June 22, 2011
Pristine Boston Pop
The Grownup Noise is a band from Boston that takes it’s folk-pop quite seriously, as you’d expect from four graduates of the prestigious Berklee College of Music. They’re all accomplished multi-instrumentalists and their new LP, This Time with Feeling blends guitars, gently plinking keyboards, cellos, and vocal harmonies into an emotional pop collage that sounds very, yes, grown up. They’ve been a band for 2007, and since that time they’ve been touring and recording more or less constantly. We talked to lead singer/guitarist Paul Hansen recently about his songwriting process, recording vocal tracks in his bathroom, and travelling around the country in a van powered by vegetable oil.
Do you think your music-school background has influenced your sound or your songwriting process?
Paul Hansen: I’ve heard many great artists say “you have to learn everything and then forget it all.” Which sounds strange at first, but we couldn’t agree more. That way, when you’re working on an idea, you’ll have the chops to explore, but you won’t let your technique dictate what you feel. It’s so beautiful to be reminded that a three-chord folk song can be as stunning as a bebop jazz piece, or conversely, they can both be equally lame.
The recording process for This Time With Feeling, sounded kind of ramshackle from what I’ve heard—how did you end up recording in a cabin in Maine and in your bathroom?
Lack of money turned lucky. If someone kindly offers you their lake house in Maine to record, don’t ever turn it down! Also, since we had some fairly portable recording equipment at the time, we were open to record anywhere. And when we couldn’t afford a nice, controlled studio room to record vocals, we found that my bathroom had some nice sounds. Although it does take a minute to get into the vibe of emoting when you’re staring at your toiletries.
What’s the songwriting process for the group like?
The way we like to describe it is that I give birth to a song and then we all raise it together, and then when a song becomes a teenager and begins misbehaving or acting apathetically, we kick it out of the set list.
On your website there’s videos of you playing both house parties and larger clubs–do you like one over the other? Do you hope to play larger venues in the future or would you rather keep things intimate?
Well, from a financial stand point, if you have the audience to fill the larger venue, they are a necessity to play as bands are increasingly making most of their revenue from live shows instead of recordings. And there is something awesome about a big rock show in a larger venue. But we’ve always found that our music seems to connect better in small, more “listening” environments. Which are always much more heart-warming and communal to play in anyways—you don’t have to argue with the door person about the size of your press list or number of drink tickets.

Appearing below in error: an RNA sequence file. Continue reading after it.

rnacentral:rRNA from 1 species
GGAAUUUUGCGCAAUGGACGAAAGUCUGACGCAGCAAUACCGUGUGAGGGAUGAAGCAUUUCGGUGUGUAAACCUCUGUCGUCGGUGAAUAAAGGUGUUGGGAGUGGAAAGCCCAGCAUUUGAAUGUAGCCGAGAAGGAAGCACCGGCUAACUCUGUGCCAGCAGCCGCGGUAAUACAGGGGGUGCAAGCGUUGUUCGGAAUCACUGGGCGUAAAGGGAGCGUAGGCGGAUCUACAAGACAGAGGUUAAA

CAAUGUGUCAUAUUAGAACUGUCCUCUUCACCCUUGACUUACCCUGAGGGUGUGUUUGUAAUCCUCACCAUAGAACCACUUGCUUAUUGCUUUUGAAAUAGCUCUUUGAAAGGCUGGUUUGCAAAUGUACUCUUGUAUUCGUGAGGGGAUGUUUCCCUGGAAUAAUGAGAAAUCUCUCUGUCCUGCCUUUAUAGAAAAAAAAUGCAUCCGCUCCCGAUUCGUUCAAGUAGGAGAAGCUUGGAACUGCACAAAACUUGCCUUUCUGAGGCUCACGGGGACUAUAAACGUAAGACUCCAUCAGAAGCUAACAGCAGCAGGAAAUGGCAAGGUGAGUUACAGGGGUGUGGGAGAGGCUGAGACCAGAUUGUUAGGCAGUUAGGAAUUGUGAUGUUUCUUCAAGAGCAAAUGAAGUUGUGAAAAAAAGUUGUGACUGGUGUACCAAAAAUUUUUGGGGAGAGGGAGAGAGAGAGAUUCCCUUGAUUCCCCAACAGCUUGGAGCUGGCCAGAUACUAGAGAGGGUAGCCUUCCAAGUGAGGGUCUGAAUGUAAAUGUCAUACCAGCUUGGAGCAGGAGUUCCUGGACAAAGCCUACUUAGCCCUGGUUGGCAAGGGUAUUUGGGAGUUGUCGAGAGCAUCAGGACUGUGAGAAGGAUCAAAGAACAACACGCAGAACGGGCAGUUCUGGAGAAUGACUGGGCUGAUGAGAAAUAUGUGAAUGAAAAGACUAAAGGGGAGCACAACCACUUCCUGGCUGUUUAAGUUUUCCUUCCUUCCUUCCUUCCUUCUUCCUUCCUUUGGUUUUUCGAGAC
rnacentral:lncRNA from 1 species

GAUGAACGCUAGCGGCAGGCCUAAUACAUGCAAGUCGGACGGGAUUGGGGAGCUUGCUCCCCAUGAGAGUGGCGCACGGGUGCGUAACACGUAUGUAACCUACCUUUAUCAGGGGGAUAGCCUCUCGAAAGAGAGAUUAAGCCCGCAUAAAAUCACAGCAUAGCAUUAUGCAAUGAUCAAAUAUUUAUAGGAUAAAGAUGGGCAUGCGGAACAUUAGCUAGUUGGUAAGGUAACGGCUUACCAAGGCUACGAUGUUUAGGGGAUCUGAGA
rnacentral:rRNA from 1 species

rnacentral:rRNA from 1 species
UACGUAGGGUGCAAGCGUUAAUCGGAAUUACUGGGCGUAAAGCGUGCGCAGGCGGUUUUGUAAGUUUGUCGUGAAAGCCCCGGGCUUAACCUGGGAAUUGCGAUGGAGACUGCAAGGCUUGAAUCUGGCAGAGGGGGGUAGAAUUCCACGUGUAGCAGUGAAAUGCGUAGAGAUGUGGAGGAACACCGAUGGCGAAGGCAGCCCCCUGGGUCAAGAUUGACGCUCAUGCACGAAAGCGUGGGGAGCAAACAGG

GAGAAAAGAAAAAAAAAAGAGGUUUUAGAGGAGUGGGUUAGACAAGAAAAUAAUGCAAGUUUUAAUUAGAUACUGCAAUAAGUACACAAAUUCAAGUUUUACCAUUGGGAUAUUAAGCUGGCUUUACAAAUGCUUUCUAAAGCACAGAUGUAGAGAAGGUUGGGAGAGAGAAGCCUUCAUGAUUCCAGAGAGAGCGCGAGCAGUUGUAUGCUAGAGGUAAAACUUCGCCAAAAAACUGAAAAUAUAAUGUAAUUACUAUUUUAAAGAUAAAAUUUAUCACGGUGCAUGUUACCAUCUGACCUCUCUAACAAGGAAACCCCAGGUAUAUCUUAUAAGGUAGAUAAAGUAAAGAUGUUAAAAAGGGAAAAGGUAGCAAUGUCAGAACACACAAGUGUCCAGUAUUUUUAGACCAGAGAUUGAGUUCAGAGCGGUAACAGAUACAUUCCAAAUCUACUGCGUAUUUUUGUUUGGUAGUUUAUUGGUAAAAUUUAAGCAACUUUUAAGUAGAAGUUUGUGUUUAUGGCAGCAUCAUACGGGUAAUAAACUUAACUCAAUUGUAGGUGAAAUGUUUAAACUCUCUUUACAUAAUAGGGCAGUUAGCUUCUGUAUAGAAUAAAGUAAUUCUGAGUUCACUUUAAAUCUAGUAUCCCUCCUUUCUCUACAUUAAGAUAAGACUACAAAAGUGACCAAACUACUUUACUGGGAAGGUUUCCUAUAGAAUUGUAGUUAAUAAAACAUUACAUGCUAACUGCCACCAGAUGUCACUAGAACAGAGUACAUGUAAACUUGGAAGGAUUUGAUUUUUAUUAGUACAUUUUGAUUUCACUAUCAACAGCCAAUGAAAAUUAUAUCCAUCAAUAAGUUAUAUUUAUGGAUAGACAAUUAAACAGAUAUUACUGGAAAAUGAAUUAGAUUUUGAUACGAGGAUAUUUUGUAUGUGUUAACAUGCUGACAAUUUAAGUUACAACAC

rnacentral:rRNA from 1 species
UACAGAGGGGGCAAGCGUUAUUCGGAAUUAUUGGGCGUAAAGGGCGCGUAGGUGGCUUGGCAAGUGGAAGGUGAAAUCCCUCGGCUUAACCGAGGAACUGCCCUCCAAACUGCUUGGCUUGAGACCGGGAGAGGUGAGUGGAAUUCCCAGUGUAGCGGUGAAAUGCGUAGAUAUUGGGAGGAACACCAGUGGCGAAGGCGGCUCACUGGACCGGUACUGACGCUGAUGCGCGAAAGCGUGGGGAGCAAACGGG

You guys toured in a van powered by vegetable oil, right? How did you get more oil on the road?
Well, first off everyone wonders if you can actually run a van (must be a diesel) on recycled oil. The answer is absolutely YES! We did two full national tours, 30-plus dates, from Boston to Seattle and back spending about $500 on gas for both. Without going into endless technical detail, diesel engines were actually designed to run on veggie oil, not diesel fuel (that’s a oil company conspiracy for another day). But it works and works pretty well. It’s a two-tank system. It starts up and cools down on diesel as veggie oil is too thick to go through the injectors—the diesel gets the van started, pumps coolant to a back radiator in a back tank and heats it up. Once it’s hot, you flip it over and you can drive forever on grease.
The problem is that this isn’t a “production” technology and our system was buggy at best. So every day was an adventure! Would the van start up? Would a line spring a leak? Would one of the three filters we had to change all the time get clogged when we were already super late for sound check?
Finding oil is fairly easy. You can ask or you cannot ask. Or you can use Jedi mind tricks and make them think that you’re the person who is suppose to pick it up anyways… shhh… Most times we asked though and most people were really excited about what we were doing and gave us grease, even if they were getting paid a bit to have it picked up. It definitely adds a bunch more time onto your drives but you meet a lot of interesting people, and you don’t pay for gas!
Do you have any horror stories from all that touring?
We were fugitives for a day when our van leaked uncontrollably in a Taco Bell parking lot and we fled the scene through the drive-thru. After we found a place to empty our tank and learned that the cops were looking for us, we came back with industrial amounts of kitty litter and cleaned it up.
Finally, do you guys feel like grownups, or is that just your name?
Everyone interprets the name differently, including all the band members. One interpretation though is that “The Grownup Noise” (retirement plans, insurance, 401k’s, worrying about the future) is something to rebel against.